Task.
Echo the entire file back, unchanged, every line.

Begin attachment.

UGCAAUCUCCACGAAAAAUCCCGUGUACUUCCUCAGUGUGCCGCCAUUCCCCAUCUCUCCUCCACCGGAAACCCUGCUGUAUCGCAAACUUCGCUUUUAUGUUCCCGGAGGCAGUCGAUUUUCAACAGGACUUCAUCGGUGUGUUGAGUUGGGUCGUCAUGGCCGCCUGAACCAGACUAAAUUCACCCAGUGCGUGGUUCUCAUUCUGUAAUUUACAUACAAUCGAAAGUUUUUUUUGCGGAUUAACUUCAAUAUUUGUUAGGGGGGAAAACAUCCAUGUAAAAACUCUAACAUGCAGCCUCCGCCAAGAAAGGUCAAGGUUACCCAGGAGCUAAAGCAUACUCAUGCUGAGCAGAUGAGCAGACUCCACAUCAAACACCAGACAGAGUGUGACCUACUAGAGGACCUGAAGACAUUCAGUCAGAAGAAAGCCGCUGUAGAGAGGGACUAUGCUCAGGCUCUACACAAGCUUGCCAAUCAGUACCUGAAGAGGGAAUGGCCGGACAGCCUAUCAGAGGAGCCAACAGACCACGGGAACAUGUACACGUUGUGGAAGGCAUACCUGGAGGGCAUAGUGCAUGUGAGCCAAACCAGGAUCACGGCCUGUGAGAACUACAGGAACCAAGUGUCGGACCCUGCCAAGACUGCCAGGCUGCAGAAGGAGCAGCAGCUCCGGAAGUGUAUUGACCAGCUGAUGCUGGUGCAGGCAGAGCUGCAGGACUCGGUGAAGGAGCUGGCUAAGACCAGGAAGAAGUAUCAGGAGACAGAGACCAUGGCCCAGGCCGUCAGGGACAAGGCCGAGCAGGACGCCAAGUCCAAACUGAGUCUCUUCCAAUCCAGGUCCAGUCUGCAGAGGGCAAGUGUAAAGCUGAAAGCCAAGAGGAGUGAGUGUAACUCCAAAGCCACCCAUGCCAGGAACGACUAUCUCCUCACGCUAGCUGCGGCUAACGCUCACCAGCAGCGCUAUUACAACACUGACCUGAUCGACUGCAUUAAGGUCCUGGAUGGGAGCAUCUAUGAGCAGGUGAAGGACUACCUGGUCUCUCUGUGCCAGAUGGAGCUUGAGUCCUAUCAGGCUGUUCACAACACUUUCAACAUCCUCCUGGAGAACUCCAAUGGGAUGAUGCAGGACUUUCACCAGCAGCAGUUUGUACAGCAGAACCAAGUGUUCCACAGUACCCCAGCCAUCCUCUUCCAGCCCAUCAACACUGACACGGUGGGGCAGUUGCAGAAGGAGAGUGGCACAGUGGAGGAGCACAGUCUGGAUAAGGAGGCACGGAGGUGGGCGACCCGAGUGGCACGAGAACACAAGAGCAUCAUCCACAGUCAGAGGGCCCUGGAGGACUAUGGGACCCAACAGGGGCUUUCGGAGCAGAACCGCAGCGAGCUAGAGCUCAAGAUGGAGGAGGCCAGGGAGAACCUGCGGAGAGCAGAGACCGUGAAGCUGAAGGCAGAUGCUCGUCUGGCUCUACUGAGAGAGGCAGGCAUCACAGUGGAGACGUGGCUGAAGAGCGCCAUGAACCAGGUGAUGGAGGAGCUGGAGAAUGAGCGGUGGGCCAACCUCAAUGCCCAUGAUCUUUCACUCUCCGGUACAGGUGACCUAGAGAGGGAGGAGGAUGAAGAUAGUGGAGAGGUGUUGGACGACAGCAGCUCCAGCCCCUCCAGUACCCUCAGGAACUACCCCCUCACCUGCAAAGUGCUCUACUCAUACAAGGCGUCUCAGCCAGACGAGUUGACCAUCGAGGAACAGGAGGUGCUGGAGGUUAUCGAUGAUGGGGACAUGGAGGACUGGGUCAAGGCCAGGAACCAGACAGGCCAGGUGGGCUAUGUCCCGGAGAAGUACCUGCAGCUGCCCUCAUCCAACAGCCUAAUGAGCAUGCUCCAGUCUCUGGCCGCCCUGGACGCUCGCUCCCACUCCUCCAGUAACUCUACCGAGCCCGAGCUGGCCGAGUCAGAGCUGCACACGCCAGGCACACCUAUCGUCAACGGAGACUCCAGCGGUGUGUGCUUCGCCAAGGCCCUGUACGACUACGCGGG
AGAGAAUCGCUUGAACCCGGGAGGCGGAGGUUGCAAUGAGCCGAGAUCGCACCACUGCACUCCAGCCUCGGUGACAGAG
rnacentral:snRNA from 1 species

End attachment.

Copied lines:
UGCAAUCUCCACGAAAAAUCCCGUGUACUUCCUCAGUGUGCCGCCAUUCCCCAUCUCUCCUCCACCGGAAACCCUGCUGUAUCGCAAACUUCGCUUUUAUGUUCCCGGAGGCAGUCGAUUUUCAACAGGACUUCAUCGGUGUGUUGAGUUGGGUCGUCAUGGCCGCCUGAACCAGACUAAAUUCACCCAGUGCGUGGUUCUCAUUCUGUAAUUUACAUACAAUCGAAAGUUUUUUUUGCGGAUUAACUUCAAUAUUUGUUAGGGGGGAAAACAUCCAUGUAAAAACUCUAACAUGCAGCCUCCGCCAAGAAAGGUCAAGGUUACCCAGGAGCUAAAGCAUACUCAUGCUGAGCAGAUGAGCAGACUCCACAUCAAACACCAGACAGAGUGUGACCUACUAGAGGACCUGAAGACAUUCAGUCAGAAGAAAGCCGCUGUAGAGAGGGACUAUGCUCAGGCUCUACACAAGCUUGCCAAUCAGUACCUGAAGAGGGAAUGGCCGGACAGCCUAUCAGAGGAGCCAACAGACCACGGGAACAUGUACACGUUGUGGAAGGCAUACCUGGAGGGCAUAGUGCAUGUGAGCCAAACCAGGAUCACGGCCUGUGAGAACUACAGGAACCAAGUGUCGGACCCUGCCAAGACUGCCAGGCUGCAGAAGGAGCAGCAGCUCCGGAAGUGUAUUGACCAGCUGAUGCUGGUGCAGGCAGAGCUGCAGGACUCGGUGAAGGAGCUGGCUAAGACCAGGAAGAAGUAUCAGGAGACAGAGACCAUGGCCCAGGCCGUCAGGGACAAGGCCGAGCAGGACGCCAAGUCCAAACUGAGUCUCUUCCAAUCCAGGUCCAGUCUGCAGAGGGCAAGUGUAAAGCUGAAAGCCAAGAGGAGUGAGUGUAACUCCAAAGCCACCCAUGCCAGGAACGACUAUCUCCUCACGCUAGCUGCGGCUAACGCUCACCAGCAGCGCUAUUACAACACUGACCUGAUCGACUGCAUUAAGGUCCUGGAUGGGAGCAUCUAUGAGCAGGUGAAGGACUACCUGGUCUCUCUGUGCCAGAUGGAGCUUGAGUCCUAUCAGGCUGUUCACAACACUUUCAACAUCCUCCUGGAGAACUCCAAUGGGAUGAUGCAGGACUUUCACCAGCAGCAGUUUGUACAGCAGAACCAAGUGUUCCACAGUACCCCAGCCAUCCUCUUCCAGCCCAUCAACACUGACACGGUGGGGCAGUUGCAGAAGGAGAGUGGCACAGUGGAGGAGCACAGUCUGGAUAAGGAGGCACGGAGGUGGGCGACCCGAGUGGCACGAGAACACAAGAGCAUCAUCCACAGUCAGAGGGCCCUGGAGGACUAUGGGACCCAACAGGGGCUUUCGGAGCAGAACCGCAGCGAGCUAGAGCUCAAGAUGGAGGAGGCCAGGGAGAACCUGCGGAGAGCAGAGACCGUGAAGCUGAAGGCAGAUGCUCGUCUGGCUCUACUGAGAGAGGCAGGCAUCACAGUGGAGACGUGGCUGAAGAGCGCCAUGAACCAGGUGAUGGAGGAGCUGGAGAAUGAGCGGUGGGCCAACCUCAAUGCCCAUGAUCUUUCACUCUCCGGUACAGGUGACCUAGAGAGGGAGGAGGAUGAAGAUAGUGGAGAGGUGUUGGACGACAGCAGCUCCAGCCCCUCCAGUACCCUCAGGAACUACCCCCUCACCUGCAAAGUGCUCUACUCAUACAAGGCGUCUCAGCCAGACGAGUUGACCAUCGAGGAACAGGAGGUGCUGGAGGUUAUCGAUGAUGGGGACAUGGAGGACUGGGUCAAGGCCAGGAACCAGACAGGCCAGGUGGGCUAUGUCCCGGAGAAGUACCUGCAGCUGCCCUCAUCCAACAGCCUAAUGAGCAUGCUCCAGUCUCUGGCCGCCCUGGACGCUCGCUCCCACUCCUCCAGUAACUCUACCGAGCCCGAGCUGGCCGAGUCAGAGCUGCACACGCCAGGCACACCUAUCGUCAACGGAGACUCCAGCGGUGUGUGCUUCGCCAAGGCCCUGUACGACUACGCGGG
AGAGAAUCGCUUGAACCCGGGAGGCGGAGGUUGCAAUGAGCCGAGAUCGCACCACUGCACUCCAGCCUCGGUGACAGAG
rnacentral:snRNA from 1 species